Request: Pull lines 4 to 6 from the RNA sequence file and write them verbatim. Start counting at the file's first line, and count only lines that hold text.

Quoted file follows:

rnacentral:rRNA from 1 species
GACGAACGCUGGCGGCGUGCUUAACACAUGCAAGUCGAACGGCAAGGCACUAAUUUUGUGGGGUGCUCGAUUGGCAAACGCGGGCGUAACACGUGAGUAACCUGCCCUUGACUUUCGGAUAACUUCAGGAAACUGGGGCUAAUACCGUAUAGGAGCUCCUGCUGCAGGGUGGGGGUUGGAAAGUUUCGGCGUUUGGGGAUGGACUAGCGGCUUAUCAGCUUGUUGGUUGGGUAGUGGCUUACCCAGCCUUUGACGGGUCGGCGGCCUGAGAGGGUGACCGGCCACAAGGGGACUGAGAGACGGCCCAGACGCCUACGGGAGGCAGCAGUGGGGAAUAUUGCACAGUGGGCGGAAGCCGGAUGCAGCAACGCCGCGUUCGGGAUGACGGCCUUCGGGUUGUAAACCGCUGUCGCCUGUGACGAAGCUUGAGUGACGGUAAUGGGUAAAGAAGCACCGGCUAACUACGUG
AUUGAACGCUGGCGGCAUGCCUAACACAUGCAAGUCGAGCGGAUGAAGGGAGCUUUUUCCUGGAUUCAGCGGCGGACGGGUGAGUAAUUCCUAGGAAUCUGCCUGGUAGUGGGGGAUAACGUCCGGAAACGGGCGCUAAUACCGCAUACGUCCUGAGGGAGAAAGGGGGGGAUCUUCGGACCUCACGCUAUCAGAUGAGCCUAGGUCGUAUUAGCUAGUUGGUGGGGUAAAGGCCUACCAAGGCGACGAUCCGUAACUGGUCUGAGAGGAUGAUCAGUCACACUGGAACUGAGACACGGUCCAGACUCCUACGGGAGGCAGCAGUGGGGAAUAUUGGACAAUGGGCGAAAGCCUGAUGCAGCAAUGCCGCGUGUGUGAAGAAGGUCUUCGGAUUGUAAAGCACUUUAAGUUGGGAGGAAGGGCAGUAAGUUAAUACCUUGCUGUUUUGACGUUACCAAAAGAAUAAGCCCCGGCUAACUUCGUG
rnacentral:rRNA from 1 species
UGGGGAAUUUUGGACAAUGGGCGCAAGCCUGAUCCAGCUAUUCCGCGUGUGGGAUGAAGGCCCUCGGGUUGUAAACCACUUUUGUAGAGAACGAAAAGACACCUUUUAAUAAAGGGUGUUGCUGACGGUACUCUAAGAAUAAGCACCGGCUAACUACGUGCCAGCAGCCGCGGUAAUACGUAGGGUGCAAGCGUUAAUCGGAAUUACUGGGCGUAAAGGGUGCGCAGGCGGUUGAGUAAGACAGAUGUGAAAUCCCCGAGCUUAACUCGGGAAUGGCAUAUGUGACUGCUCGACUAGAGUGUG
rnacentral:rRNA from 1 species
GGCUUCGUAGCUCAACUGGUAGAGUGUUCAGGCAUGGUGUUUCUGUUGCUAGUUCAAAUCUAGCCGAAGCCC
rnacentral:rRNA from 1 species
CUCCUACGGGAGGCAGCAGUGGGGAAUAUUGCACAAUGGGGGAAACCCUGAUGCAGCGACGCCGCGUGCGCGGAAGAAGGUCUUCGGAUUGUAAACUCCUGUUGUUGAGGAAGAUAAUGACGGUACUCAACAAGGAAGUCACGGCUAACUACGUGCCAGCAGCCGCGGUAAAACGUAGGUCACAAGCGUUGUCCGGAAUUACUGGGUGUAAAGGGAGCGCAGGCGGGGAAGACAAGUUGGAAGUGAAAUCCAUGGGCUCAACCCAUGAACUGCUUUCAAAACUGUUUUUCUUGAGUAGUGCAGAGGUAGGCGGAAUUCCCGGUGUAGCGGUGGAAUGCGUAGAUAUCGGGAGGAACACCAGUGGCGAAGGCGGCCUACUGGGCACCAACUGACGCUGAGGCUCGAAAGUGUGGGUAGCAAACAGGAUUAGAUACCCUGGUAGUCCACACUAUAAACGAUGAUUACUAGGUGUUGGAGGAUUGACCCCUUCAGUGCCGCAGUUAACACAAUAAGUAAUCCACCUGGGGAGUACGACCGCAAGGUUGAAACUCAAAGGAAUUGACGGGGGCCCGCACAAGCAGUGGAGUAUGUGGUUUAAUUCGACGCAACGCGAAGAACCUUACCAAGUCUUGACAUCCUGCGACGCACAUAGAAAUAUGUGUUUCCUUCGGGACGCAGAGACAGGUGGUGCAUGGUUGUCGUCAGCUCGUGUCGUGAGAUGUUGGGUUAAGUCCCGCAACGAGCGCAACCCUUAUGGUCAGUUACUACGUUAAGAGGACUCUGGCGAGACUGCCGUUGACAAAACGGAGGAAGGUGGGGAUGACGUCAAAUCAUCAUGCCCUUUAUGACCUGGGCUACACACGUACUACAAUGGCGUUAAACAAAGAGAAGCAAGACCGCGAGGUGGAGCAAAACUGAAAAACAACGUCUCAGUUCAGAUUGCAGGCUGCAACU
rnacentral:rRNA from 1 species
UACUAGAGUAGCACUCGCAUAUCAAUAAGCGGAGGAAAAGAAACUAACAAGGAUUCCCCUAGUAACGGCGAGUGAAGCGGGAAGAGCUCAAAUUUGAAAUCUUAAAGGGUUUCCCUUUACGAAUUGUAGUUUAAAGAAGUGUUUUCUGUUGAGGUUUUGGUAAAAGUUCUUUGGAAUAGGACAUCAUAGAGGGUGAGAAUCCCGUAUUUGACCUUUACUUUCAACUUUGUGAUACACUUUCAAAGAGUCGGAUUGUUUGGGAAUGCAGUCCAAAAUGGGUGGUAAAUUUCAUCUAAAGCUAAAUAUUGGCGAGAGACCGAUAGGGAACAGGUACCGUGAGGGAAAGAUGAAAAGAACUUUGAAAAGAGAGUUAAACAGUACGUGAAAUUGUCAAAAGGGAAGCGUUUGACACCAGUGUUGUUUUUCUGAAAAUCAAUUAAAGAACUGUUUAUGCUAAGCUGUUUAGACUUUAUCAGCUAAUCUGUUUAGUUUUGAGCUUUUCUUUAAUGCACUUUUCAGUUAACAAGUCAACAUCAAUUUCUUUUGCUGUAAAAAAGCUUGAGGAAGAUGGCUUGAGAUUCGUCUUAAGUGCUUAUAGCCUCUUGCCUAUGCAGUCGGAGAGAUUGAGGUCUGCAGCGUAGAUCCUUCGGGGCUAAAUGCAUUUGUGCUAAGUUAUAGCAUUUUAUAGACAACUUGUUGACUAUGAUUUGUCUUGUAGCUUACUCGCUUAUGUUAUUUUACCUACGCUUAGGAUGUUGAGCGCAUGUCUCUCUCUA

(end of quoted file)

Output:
rnacentral:rRNA from 1 species
UGGGGAAUUUUGGACAAUGGGCGCAAGCCUGAUCCAGCUAUUCCGCGUGUGGGAUGAAGGCCCUCGGGUUGUAAACCACUUUUGUAGAGAACGAAAAGACACCUUUUAAUAAAGGGUGUUGCUGACGGUACUCUAAGAAUAAGCACCGGCUAACUACGUGCCAGCAGCCGCGGUAAUACGUAGGGUGCAAGCGUUAAUCGGAAUUACUGGGCGUAAAGGGUGCGCAGGCGGUUGAGUAAGACAGAUGUGAAAUCCCCGAGCUUAACUCGGGAAUGGCAUAUGUGACUGCUCGACUAGAGUGUG
rnacentral:rRNA from 1 species